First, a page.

1963 - dir. Roger CormanA personal favorite and Halloween perennial. The early stretch of the film, at Price's castle might give you the impression the colors here are still a rusty brown as in past editions, but once the gang (including Jack Nicholson as Peter Lorre's son, Rexford) venture out to Boris Karloff's castle in search of the lost Lenore (Hazel Court), the HD transfer begins to shimmer and glow in a new hauntingly lovely greenish gold reflective light, creating a great sense of inward depth of the vast castle. As we learn in the extras, Corman kept all the sets from past Poe films and would just add them onto the next, and by the time of The Raven he'd assembled a vast sprawling Gothic maze, which gets full glorious use here. The Les Baxter score at times errs on the side of the smugness, but this is pure uncut Halloween delight, so might as well bring the kiddos.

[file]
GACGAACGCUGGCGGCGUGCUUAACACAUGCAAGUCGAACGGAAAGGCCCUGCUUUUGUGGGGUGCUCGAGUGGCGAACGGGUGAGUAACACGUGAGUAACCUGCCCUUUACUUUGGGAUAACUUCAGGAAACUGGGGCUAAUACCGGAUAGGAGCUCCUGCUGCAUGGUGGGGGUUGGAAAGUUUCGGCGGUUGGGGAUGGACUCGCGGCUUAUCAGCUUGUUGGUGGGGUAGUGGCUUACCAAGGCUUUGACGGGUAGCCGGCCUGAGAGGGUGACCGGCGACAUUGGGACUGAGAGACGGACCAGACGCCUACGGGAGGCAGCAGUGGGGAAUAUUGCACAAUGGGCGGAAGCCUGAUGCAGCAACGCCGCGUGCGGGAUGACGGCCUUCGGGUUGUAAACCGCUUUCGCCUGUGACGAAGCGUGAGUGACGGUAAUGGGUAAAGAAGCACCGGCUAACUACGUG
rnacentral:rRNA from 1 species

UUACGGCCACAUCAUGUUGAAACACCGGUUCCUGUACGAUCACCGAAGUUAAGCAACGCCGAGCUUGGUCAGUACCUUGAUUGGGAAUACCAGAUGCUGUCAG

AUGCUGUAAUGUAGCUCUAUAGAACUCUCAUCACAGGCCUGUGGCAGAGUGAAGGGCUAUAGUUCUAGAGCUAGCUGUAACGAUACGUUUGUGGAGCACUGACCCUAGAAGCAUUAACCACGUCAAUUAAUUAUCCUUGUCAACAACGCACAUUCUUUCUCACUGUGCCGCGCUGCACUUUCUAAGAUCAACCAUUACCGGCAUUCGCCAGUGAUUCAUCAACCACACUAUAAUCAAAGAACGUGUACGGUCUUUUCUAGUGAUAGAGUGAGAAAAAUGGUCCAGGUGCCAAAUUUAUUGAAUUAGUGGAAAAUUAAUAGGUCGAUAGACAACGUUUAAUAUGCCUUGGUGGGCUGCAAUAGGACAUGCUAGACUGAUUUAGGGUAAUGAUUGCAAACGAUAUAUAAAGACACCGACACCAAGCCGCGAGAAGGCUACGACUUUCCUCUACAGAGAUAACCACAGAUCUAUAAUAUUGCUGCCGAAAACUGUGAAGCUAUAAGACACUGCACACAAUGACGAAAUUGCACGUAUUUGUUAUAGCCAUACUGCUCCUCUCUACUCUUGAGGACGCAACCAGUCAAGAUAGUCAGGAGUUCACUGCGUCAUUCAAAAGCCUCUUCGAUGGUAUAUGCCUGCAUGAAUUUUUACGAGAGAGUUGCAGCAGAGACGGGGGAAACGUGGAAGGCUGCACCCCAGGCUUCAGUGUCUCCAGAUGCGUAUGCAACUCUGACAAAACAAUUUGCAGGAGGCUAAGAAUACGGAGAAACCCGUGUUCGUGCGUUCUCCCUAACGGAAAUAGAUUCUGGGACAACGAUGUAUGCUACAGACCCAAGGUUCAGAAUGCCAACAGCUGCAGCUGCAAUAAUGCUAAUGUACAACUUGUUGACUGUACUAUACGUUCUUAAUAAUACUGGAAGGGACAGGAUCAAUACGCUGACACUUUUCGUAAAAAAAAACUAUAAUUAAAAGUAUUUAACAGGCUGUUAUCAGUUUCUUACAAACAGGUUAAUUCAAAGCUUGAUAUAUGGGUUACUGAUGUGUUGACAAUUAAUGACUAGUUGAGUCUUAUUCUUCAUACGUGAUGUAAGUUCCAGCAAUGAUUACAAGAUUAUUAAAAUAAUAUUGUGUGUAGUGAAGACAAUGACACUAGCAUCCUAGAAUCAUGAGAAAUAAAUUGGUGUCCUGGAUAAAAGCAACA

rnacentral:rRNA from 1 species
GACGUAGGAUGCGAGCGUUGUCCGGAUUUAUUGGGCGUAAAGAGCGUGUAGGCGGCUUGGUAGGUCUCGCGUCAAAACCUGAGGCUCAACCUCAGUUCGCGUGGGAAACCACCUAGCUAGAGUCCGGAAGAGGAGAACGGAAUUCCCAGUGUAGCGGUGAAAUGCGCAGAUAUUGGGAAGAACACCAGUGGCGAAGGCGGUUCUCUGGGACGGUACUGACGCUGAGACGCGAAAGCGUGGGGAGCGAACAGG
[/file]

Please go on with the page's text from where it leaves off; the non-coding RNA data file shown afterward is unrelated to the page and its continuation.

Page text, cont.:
THE TOMB OF LIGEIA
1964 - Dir Roger Corman
***1/2Definitely one of the better and more unnerving (and last) in the cycle thanks largely to a ripping script by Robert Towne, who captures the horrified eloquence of Poe, which Price then rolls through like a velvet serpent, waxing about how he wishes his head could be wrest open as easily as the cabbage thrown at Ligeia's trickster spirit animal cat. "What else is madness but belief that inwards does not exist?" No offense to Richard Matheson's earlier scripts, but Poe never had it so good. Matheson's adaptations were solid, but tended towards repetitive arguments between someone wanting the truth and Price withholding it. Towne lets the rich existential poetry flow freely, trusting the audience to get the metaphors, which is good, because it offsets the things that don't work, like the shock of seeing Price outdoors and sans mustache. Maybe it's me. I find his naked upper lip upsetting and exterior shots, dreary. Poe should never see daylight--especially not England's, but Corman wanted to switch up his game, find some real castle ruins to shoot in, and also to have Price play it complete straight, as a lover, but he comes off as hostile and aloof rather than the desired Byronic and enigmatic; we can't fathom why the piercingly self-confident English Lady Rowena (Elizabeth Shepherd) would want to marry such a sullen, naked-lipped poseur.